Thomas says he believes in God . . . and I believe him.

 

#2 Beautiful Soul. Meet David.

 

David is someone that I hadn’t met before. (But then I can’t be certain of that, my “recall” cannot be trusted anymore.) Still, I introduced myself, and he quickly responded with “Chris, hey, you know that’s my son’s name.” And I said, “Oh yeah, that’s cool.”

We chatted for a few moments, and he told me that he was definitely a believer in God. And he said it with such calm, conviction that nothing more needed to be said.

As I turning to go he said, “Hey, you want to know how my son got his name?”

“Yeah, sure,” I said.

Then he went to tell me about the first girl that he had a crush on in Junior High School. “Her name was Chris,” he said with a smile. “So I thought you might find that interesting.”

“Oh yeah, that is interesting,” I responded, and wished him well.

 

#3 Beautiful Soul. Meet A.J.

Then I ran into A.J. sitting against our local convenience store building next to his bicycle.

A.J. told me he was 58, and that he no longer ran the streets like he used to. He said he used to drink a lot and live the life of a gigolo.

But then one day he got so wasted that he nearly died. The doctors told him that he had three times the amount of alcohol of a normal “drunk” person in his system.

After that encounter, he said that the Lord had a “serious” talk with him. He decided to get some help and in 2004 he joined Alcoholics Anonymous. He also started going to Uptown Baptist Church from time to time.

“The Lord’s been good to me,” he said. “He’s really taken care of me.”

So on a casual walk home I met three beautiful souls. And all it required was slowing down and engaging these folks for a few moments.

Thanks for stopping by.

Chris

 

 

 

 

 

 

 

 

 

 

 

 

 

 

 

 

 

 

 

 

 

1 May 2019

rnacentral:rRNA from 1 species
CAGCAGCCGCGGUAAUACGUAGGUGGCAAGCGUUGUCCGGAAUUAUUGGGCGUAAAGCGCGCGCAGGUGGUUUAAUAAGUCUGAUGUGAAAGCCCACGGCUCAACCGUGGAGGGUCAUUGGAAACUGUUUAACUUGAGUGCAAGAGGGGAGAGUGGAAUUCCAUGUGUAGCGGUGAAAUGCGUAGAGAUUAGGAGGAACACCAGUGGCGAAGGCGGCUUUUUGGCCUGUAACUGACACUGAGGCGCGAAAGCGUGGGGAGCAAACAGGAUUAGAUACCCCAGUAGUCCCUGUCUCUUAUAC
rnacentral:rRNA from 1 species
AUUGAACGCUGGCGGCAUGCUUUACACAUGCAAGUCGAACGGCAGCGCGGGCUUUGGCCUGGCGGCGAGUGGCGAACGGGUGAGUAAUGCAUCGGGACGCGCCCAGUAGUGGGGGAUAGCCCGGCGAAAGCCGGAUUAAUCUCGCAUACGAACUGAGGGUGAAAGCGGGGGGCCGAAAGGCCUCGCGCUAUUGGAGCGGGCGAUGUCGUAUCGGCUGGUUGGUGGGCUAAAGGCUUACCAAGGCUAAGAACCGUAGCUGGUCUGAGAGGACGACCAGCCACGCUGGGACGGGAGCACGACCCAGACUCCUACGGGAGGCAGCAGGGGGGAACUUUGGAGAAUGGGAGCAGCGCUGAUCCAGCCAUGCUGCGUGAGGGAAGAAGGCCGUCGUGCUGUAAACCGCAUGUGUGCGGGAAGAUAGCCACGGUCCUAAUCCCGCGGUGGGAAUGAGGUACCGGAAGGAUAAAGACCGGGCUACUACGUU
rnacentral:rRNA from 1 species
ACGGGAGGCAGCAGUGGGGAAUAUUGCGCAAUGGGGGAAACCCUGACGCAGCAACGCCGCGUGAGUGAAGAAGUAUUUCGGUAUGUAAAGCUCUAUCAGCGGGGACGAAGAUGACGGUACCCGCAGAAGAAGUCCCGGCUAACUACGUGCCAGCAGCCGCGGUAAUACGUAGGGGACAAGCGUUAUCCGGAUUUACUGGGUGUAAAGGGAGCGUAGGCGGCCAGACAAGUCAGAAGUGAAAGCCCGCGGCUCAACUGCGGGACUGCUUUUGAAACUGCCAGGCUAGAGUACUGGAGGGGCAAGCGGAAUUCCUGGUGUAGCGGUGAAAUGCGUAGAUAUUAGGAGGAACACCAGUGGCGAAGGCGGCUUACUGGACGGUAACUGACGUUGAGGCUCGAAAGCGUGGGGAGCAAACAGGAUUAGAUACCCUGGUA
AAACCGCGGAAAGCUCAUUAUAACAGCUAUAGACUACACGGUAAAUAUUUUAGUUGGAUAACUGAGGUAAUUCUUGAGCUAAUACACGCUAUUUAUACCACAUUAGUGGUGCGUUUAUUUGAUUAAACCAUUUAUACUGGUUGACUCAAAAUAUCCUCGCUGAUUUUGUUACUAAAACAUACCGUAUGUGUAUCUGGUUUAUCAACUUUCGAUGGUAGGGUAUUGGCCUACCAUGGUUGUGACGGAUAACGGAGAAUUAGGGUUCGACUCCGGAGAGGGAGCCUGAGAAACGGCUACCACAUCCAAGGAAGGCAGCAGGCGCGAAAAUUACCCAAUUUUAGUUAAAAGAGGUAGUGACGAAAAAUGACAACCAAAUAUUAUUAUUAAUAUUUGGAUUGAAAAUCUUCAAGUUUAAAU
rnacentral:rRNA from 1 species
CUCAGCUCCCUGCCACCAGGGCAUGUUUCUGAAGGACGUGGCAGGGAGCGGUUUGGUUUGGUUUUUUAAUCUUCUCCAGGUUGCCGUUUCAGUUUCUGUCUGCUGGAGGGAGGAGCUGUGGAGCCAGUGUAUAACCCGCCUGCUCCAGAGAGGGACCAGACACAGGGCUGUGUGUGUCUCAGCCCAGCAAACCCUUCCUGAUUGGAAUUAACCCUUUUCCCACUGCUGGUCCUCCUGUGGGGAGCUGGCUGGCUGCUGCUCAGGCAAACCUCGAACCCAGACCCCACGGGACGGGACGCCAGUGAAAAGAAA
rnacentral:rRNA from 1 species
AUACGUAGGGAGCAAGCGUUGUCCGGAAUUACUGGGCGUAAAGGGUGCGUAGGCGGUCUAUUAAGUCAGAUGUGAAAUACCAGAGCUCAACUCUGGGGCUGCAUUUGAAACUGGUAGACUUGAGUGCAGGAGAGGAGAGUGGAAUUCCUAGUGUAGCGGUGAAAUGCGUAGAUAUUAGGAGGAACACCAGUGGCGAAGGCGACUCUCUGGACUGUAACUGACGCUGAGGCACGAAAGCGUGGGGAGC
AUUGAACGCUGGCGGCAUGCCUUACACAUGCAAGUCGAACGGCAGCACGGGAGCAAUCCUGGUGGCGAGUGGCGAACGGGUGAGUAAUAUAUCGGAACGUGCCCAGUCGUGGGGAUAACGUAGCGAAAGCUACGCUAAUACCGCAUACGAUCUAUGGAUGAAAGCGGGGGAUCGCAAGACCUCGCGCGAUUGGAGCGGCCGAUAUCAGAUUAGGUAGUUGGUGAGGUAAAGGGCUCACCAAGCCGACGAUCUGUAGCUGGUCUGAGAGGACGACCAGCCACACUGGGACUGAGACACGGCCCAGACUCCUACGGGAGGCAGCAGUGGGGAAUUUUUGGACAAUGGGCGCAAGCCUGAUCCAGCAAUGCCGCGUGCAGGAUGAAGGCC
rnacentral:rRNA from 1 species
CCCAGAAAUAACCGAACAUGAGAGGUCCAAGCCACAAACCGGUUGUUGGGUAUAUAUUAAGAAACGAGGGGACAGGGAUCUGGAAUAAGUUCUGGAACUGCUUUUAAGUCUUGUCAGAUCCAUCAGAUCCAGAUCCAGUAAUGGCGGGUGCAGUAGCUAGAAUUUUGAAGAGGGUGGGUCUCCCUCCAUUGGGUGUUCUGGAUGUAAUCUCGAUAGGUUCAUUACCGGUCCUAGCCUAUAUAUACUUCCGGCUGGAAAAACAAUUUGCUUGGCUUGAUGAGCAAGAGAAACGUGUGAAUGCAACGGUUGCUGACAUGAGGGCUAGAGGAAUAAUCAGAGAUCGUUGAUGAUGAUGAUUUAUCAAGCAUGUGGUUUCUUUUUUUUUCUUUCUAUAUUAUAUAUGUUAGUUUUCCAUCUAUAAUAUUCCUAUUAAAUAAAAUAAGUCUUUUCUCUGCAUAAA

Unexpected Prayer Warrior

By |2019-05-01T09:59:13-05:00May 1st, 2019|General|0 Comments

You never know where a prayer warrior may be found!

I was out walking about Uptown doing a couple of errands when I noticed a friend of mine through the window of one of our neighborhoods classic grills. I waved at Kathy, and then I ventured into the restaurant to say hi. She was glad to see me. “I haven’t been able to make it to Cornerstone lately,” she said. “My husband’s health has taken a turn for the worse . . . so I’ve had to take care of him a lot more.”
“Oh, I’m sorry to hear that,” I responded.
“Yeah, things have been a little rough lately,” she said.
I then turned to her friend, who was sitting quietly across from Kathy.  “Hi, I’m Chris, from Cornerstone. What’s your name?”
“Hi, I’m Heather, nice to meet you,” she said.
We then got into a conversation and Heather told me that she’d lived in Uptown for about 7 years, but she didn’t go to church because of some health issues.  And she went on to tell me that we all need to be witnesses for Jesus.  And one of her ways of sharing her faith was to make crosses out of yarn and give them out for free.